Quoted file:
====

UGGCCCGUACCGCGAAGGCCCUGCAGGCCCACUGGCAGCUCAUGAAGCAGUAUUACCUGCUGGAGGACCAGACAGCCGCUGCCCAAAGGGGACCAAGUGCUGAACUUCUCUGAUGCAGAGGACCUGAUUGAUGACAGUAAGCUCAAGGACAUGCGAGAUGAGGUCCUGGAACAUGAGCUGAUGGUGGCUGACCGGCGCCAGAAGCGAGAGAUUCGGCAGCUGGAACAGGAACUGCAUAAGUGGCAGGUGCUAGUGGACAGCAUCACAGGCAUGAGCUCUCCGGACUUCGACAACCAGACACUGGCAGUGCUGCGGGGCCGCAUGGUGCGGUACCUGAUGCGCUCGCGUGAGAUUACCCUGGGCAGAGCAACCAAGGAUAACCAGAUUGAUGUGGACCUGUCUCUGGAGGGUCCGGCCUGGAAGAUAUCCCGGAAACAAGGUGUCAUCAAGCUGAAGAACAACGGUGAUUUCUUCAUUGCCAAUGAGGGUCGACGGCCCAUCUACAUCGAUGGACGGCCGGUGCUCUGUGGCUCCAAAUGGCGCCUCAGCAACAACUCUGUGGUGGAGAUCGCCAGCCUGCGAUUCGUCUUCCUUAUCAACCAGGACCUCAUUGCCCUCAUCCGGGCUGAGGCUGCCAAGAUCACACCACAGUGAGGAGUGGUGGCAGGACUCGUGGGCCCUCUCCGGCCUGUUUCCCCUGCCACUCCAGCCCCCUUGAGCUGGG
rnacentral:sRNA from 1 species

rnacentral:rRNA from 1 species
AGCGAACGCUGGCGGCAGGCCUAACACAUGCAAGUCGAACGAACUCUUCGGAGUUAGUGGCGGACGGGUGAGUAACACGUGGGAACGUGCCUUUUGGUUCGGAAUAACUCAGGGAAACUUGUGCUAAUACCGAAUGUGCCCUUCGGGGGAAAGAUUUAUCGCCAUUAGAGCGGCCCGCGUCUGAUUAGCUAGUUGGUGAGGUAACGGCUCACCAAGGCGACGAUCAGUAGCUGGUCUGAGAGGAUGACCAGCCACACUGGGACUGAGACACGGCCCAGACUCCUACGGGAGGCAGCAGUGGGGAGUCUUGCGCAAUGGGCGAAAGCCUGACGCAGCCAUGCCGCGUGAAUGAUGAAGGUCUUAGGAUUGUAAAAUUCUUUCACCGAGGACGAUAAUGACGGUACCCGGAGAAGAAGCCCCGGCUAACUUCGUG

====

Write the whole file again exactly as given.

UGGCCCGUACCGCGAAGGCCCUGCAGGCCCACUGGCAGCUCAUGAAGCAGUAUUACCUGCUGGAGGACCAGACAGCCGCUGCCCAAAGGGGACCAAGUGCUGAACUUCUCUGAUGCAGAGGACCUGAUUGAUGACAGUAAGCUCAAGGACAUGCGAGAUGAGGUCCUGGAACAUGAGCUGAUGGUGGCUGACCGGCGCCAGAAGCGAGAGAUUCGGCAGCUGGAACAGGAACUGCAUAAGUGGCAGGUGCUAGUGGACAGCAUCACAGGCAUGAGCUCUCCGGACUUCGACAACCAGACACUGGCAGUGCUGCGGGGCCGCAUGGUGCGGUACCUGAUGCGCUCGCGUGAGAUUACCCUGGGCAGAGCAACCAAGGAUAACCAGAUUGAUGUGGACCUGUCUCUGGAGGGUCCGGCCUGGAAGAUAUCCCGGAAACAAGGUGUCAUCAAGCUGAAGAACAACGGUGAUUUCUUCAUUGCCAAUGAGGGUCGACGGCCCAUCUACAUCGAUGGACGGCCGGUGCUCUGUGGCUCCAAAUGGCGCCUCAGCAACAACUCUGUGGUGGAGAUCGCCAGCCUGCGAUUCGUCUUCCUUAUCAACCAGGACCUCAUUGCCCUCAUCCGGGCUGAGGCUGCCAAGAUCACACCACAGUGAGGAGUGGUGGCAGGACUCGUGGGCCCUCUCCGGCCUGUUUCCCCUGCCACUCCAGCCCCCUUGAGCUGGG
rnacentral:sRNA from 1 species

rnacentral:rRNA from 1 species
AGCGAACGCUGGCGGCAGGCCUAACACAUGCAAGUCGAACGAACUCUUCGGAGUUAGUGGCGGACGGGUGAGUAACACGUGGGAACGUGCCUUUUGGUUCGGAAUAACUCAGGGAAACUUGUGCUAAUACCGAAUGUGCCCUUCGGGGGAAAGAUUUAUCGCCAUUAGAGCGGCCCGCGUCUGAUUAGCUAGUUGGUGAGGUAACGGCUCACCAAGGCGACGAUCAGUAGCUGGUCUGAGAGGAUGACCAGCCACACUGGGACUGAGACACGGCCCAGACUCCUACGGGAGGCAGCAGUGGGGAGUCUUGCGCAAUGGGCGAAAGCCUGACGCAGCCAUGCCGCGUGAAUGAUGAAGGUCUUAGGAUUGUAAAAUUCUUUCACCGAGGACGAUAAUGACGGUACCCGGAGAAGAAGCCCCGGCUAACUUCGUG